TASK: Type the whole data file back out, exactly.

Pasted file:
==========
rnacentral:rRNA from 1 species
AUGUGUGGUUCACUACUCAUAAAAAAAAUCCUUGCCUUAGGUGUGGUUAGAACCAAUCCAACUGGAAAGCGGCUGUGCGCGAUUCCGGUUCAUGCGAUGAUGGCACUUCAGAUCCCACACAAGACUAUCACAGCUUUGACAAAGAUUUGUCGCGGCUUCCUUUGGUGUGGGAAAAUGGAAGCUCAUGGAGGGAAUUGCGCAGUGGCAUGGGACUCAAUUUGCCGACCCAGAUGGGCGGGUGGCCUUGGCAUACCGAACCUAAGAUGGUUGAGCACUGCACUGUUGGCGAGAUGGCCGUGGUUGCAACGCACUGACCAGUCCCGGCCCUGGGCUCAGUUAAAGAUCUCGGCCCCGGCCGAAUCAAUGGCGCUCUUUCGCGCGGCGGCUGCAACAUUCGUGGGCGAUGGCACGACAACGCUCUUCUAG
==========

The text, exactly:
rnacentral:rRNA from 1 species
AUGUGUGGUUCACUACUCAUAAAAAAAAUCCUUGCCUUAGGUGUGGUUAGAACCAAUCCAACUGGAAAGCGGCUGUGCGCGAUUCCGGUUCAUGCGAUGAUGGCACUUCAGAUCCCACACAAGACUAUCACAGCUUUGACAAAGAUUUGUCGCGGCUUCCUUUGGUGUGGGAAAAUGGAAGCUCAUGGAGGGAAUUGCGCAGUGGCAUGGGACUCAAUUUGCCGACCCAGAUGGGCGGGUGGCCUUGGCAUACCGAACCUAAGAUGGUUGAGCACUGCACUGUUGGCGAGAUGGCCGUGGUUGCAACGCACUGACCAGUCCCGGCCCUGGGCUCAGUUAAAGAUCUCGGCCCCGGCCGAAUCAAUGGCGCUCUUUCGCGCGGCGGCUGCAACAUUCGUGGGCGAUGGCACGACAACGCUCUUCUAG